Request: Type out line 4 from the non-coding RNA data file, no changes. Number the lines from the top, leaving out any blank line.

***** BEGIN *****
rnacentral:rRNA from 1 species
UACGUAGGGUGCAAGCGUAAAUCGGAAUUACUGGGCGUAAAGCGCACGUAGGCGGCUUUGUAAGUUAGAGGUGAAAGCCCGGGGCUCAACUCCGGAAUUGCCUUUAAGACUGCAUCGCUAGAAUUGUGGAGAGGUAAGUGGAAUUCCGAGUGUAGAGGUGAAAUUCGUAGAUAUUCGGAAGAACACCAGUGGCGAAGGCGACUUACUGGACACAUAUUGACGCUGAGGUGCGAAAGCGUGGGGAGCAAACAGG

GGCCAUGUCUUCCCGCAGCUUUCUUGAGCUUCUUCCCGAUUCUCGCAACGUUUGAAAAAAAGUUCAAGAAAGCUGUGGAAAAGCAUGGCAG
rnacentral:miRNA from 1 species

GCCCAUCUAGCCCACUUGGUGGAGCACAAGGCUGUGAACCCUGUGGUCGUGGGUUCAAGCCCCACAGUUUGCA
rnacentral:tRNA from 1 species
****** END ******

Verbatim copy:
rnacentral:miRNA from 1 species